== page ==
Sunday, November 10, 2013

Fear and Loathing

Comedians are like bitchy scorpions. There are only so many spots at any club, only so many people who can be on any show, etc. It's like we all can't have nice things. This is most apparent on car trips. It starts by bringing up one comic and then it is a trash fest. Some of it is out of jealousy that they got the spot we wanted. Some of it is out of fear that we might never get what we want. Some of it is out of insecurity because we must trash people we feel are lesser. Deep down, it is more fear. More fear that we will be forever trapped doing shit open mics, shit bar gigs, shit check spots, and at the end of the day we will languish in obscurity only to die unknown.

Early in my comedy career I saw people floating around who had been at it for years. One woman had been doing open mics for fifteen years and still sucked. I deeply hoped that wasn't going to be me. However, I was afraid it was going to be. I saw others seemingly never move from the bringer system, damned forever to be comedy cattle running and feeding off of dream grass only never to get the nutrients. At other venues I saw people bark for what seemed to be forever never to move up. And then I saw some people do the same terrible set for years with the same lackluster jokes. Running the open mic marathon it seemed as though the lanes were clogged like a bad LA traffic jam and I would never get the red light. As for the road, I did that as a feature. I opened up for guys who were either really funny and would never have their talent recognized, or incredible hacks that killed for audiences that didnt know better. For a while it felt like there was no way to make it.

As a comedian I never believe my fans or the audiences that love me. In the initial early stages of my career, I very well knew I wasn't very good. When I would have a bad set, it followed me for sometime in my mind. When I had a good set, I bragged about it. Some of it was that I was proud of my work. Most of it was because I thought it would never happen to begin with therefore feared it would never happen again. I was accused of having no humility. It was true. I was deeply insecure and not the biggest April fan. But humility is not thinking less of onesself but thinking of onesself less. I was thinking of April all the live long day.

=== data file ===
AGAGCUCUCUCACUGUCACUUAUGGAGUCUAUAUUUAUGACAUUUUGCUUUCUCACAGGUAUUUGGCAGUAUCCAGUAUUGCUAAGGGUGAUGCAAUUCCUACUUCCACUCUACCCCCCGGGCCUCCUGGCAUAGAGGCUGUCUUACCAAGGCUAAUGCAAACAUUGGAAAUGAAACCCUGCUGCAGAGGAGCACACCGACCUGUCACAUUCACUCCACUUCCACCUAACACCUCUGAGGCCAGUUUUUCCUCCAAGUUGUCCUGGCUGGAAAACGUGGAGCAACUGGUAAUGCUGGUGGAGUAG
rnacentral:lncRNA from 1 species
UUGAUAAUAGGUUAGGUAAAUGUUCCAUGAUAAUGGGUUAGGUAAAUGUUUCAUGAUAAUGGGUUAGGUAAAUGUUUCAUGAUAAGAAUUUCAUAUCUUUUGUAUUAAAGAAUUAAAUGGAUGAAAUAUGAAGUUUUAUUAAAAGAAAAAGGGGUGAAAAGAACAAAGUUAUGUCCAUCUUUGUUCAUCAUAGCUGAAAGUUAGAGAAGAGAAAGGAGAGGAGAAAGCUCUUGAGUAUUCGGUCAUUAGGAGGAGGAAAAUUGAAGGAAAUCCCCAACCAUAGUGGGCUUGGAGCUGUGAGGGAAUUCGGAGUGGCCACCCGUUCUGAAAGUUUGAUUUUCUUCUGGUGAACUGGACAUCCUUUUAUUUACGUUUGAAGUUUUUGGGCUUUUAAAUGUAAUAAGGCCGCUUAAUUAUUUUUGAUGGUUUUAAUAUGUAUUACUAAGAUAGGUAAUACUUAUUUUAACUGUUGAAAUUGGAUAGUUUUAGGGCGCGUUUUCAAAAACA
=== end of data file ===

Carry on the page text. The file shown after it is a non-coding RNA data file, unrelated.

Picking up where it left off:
Time went on and I accomplished some things. It wasn't so much talent but hard work. I will admit, there is always someone funnier, prettier, and a better writer than I could be at any given moment. However, none have pounded the pavement like I have. Even my enemies have to high five me for my work ethic. In order to accomplish that fear and loathing, I became even more bragadocious. I don't think it was an accident that I found myself more depressed than ever deep down. Yes I was releasing a book but why did I secretly feel like dog shit run over by a mac truck? Answer, I was chasing the wrong solution. I thought ranting about being a woman in comedy was the solution. If I were a man I wouldn't have to fight so hard. I had fans writing me letters. Fuck open mics. Let me tell you how successful I am. Want to read a copy of my book?........

This past winter, I found myself unsure of how to step up my comedy. How to grow. The answer was to drop the fear and loathing and to do the work. This past week I did a show where the audience was slower to warm up to a ventriloquist act. However they got into me and I ultimately ended up doing well. After I stepped offstage I didn't hear the congratulations from the audience or felt the love I received from my fellow comedians. Instead I could only focus on the fact they didn't dig me at the beginning of my set. I was talking to a fellow comedian about this and how I always focused on the weak part. The audience members who didn't like me. My comedian friend concurred that she did that too. We all did.

On my walk home I worried that I was never going to go where I wanted to go. I also worried that I was going to settle again. Then I realized no. That wasn't going to happen. The mistake I made was falling victim to the fear and loathing. My ego seduced me into taking April the Reality TV Queen and April the Author into comedy clubs. That person doesn't always belong. Instead, when I go to a club I am just another name on the lineup. My job isn't to primp my feathers and remind people of who I think I am. It's to make the audience laugh. Also, there is something to be learned from every comedian on the lineup whether they are a household name or whether they are unknown. When that is my attitude there is always something gained.

These days when I step onstage I take the twenty year old kid who was awkward and had a weird looking, antiquated puppet. She wasn't afraid to fail, and was humble enough to do the work. She took tanking hard only to keep doing more of it until she got good. The beautiful thing was she wasn't so egotistical she wouldn't take a suggestion. As a result, the Comedy God's smiled upon her again and again. She was a good kid, sometimes taking things too hard but always chasing the perfect set. She always knew she could do better and the secret was more stage time. These days I bring her to the clubs. Not April the Reality TV star or April the Author. Those two idiots wouldn't have been possible without that weird, determined, and tough kid blindly chasing a dream.

Good things have always happened when she has been around. Sure she succumbs to the fear and loathing, but only to get up and try it again.

I Came, I Saw, I Sang: Memoirs of a Singing Telegram Delivery Girl

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